A new method for treating breast cancer by delivering chemotherapy through the nipple offers a highly targeted, less toxic approach than traditional treatments, according to a new study. But many breast cancer specialists caution that it's too early to know whether the treatment will work for large numbers of women.
Researchers at the Johns Hopkins Kimmel Cancer Center in Baltimore tested the method on rats and also in a very small group of human patients -- 17 women with breast cancer. In their report, published today in the journal Science Translational Medicine, the researchers reported that delivery of chemotherapy drugs through the nipple had been highly effective in treating small, early-stage tumors, and produced none of the side effects that accompany traditional chemotherapy.
The method is designed to deliver chemotherapy drugs directly to the breast tissue -- a branching treelike system of milk ducts inside the breast -- where many cancers form. This direct delivery offers a highly localized treatment compared to drugs given intravenously or taken orally, and avoids the extreme approach chosen by some women of completely removing their breasts.
"You can give more much effective doses if the drug stays where it's supposed to, in the breast," said Dr. Vered Stearns, co-director of the breast cancer program at the Kimmel Cancer Center and an author of the study. "The women in our study that got the treatment directly into the breast through the nipple had a very high concentration of the drug in the breast and very low concentrations in the blood."
Saraswati Sukumar, a cancer biologist at Johns Hopkins, investigated how to target the cancer cells that lurk in this system of ducts in mice and rats.
"We wanted to see whether this would stop the cancer in its tracks," Sukumar said.
According to the study, it did. In 10 of the 14 rats tested in one portion of the study, the chemotherapy drugs eliminated tumors in the breast tissue. But Sukumar said she was most intrigued by the preventive effects the therapy seemed to have on the animals. When the chemotherapy drugs were injected into four of the rats' mammary glands, it seemed to prevent tumors from forming in the remaining eight mammary glands.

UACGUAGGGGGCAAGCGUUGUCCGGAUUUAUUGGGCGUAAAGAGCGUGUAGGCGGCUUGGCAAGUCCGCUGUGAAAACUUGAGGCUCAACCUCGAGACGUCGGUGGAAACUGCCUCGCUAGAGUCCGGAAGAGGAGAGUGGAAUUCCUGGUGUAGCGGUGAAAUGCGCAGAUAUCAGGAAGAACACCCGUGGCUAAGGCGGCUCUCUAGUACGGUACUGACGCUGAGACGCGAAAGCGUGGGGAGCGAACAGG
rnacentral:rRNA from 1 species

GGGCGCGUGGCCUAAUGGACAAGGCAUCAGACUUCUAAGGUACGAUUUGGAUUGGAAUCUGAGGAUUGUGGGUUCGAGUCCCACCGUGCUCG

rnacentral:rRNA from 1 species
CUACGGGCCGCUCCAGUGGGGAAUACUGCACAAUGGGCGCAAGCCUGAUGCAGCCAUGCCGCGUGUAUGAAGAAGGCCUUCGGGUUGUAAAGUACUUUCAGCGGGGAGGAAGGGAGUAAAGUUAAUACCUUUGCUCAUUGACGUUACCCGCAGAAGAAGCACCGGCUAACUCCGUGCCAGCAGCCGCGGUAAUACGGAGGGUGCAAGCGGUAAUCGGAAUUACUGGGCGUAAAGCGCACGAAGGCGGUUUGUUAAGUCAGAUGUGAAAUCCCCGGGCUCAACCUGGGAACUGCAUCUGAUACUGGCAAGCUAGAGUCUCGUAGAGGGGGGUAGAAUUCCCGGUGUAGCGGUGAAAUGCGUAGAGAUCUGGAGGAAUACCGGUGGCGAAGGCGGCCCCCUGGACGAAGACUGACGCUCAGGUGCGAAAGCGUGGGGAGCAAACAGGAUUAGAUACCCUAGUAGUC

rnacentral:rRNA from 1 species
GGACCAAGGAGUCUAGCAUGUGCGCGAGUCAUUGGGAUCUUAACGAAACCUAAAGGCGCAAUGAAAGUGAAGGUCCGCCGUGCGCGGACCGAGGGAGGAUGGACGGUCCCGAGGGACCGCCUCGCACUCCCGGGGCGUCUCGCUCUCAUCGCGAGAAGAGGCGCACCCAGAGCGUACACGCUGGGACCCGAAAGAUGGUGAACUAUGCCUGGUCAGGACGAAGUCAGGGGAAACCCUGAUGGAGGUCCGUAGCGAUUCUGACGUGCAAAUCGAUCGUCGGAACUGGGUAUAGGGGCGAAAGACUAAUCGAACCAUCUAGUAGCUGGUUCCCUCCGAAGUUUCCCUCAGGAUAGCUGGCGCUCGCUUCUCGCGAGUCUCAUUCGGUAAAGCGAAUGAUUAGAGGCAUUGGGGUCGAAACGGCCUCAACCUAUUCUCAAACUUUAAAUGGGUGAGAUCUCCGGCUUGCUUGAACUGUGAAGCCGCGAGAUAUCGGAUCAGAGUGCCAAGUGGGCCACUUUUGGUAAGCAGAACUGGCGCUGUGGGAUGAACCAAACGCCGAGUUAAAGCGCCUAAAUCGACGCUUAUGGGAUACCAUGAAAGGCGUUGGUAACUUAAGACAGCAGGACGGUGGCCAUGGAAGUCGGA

"Its like putting Drano through a clogged ductal system. The entire system will be cleared of both visible and invisible cancer cells," Sukumar said. "You're treating and also preventing the cancer."
In human patients, the researchers reported that treatment produced virtually no side effects, other than moderate nipple pain and a heaviness in the breast that lasted for about an hour, according to Stearns. The absence of intolerable side effects contrasts starkly with the effects of other chemotherapy and radiation treatments.
Stearns said the treatment could possibly offer women at high risk for breast cancer a more tolerable approach to prevention. Rather than waiting for disease to develop or even having their breasts removed entirely, they could have chemotherapy drugs administered through the nipple into the ducts, where they would kill precancerous cells.
"Think of colonoscopies. If you see a polyp, you treat it and hopefully prevent future colorectal cancer," Stearns said. "With this treatment, a woman will be having a mammogram, and based on our studies, this procedure would give her the option of having an intact breast with very few treatment side effects."